The Roche limit (or Roche radius) is the nearest to an astronomical body that a particular body orbiting it can approach before breaking up due to tidal forces. A moon orbiting a planet within their Roche limit is being pulled apart by the planet's gravity more than its own gravity is holding it together. Thus at this limit, moons (or in the case of stars, its planets) tend to break up into rings (like Saturn's) or circumstellar disks. The exact formula depends upon a few factors (including the masses of both objects), but a basic formula is:
d = Rm(2 MM/Mm)1/3
This formula is derived by determining the distance at which the gravitational force and tidal force balance. At longer distances, the secondary body's gravity dominates, holding it together, and at shorter distances, the tidal force from the larger body overcomes its gravity and pulls it apart.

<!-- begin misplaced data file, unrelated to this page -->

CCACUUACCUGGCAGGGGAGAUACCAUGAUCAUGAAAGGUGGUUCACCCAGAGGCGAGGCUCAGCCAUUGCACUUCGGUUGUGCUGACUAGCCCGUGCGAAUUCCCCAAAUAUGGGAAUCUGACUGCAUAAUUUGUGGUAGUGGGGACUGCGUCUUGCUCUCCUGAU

The term Roche sphere is generally used as a synonym for Hill sphere, which applies to the influence of the host's gravity as if tidal forces were not a factor: the Roche/Hill sphere's radius is not this Roche radius, but is termed the Hill radius.
The term Roche lobe is more related to the Hill radius than the Roche limit, (the Roche lobe is not defined by tidal force): it indicates the actual elongated (non-spherical) regions of orbiting body's gravitational influence that meet at their L1 Lagrangian point.